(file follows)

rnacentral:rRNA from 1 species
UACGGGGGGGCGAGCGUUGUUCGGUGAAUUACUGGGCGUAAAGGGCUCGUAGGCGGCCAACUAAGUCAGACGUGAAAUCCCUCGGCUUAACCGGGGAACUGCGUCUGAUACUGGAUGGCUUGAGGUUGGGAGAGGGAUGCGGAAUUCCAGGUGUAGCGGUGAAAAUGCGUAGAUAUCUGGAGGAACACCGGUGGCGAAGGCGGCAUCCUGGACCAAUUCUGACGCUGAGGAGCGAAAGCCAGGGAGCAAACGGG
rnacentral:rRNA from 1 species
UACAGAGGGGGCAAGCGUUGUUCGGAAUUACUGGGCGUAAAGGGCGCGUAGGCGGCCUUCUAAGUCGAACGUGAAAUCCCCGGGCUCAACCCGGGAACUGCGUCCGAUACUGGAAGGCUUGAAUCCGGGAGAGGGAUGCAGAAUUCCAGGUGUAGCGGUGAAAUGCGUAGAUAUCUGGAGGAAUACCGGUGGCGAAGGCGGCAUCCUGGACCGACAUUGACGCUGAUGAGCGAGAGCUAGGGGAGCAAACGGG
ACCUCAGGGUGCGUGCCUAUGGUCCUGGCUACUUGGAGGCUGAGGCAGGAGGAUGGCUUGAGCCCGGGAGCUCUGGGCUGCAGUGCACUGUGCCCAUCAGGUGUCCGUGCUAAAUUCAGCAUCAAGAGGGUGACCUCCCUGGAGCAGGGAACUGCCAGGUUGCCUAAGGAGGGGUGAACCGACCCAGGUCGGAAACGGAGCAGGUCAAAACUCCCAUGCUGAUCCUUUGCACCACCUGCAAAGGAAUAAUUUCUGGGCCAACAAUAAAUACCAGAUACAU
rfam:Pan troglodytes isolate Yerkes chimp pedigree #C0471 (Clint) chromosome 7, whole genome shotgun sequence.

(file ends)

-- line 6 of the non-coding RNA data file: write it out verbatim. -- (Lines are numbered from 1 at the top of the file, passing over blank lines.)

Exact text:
rfam:Pan troglodytes isolate Yerkes chimp pedigree #C0471 (Clint) chromosome 7, whole genome shotgun sequence.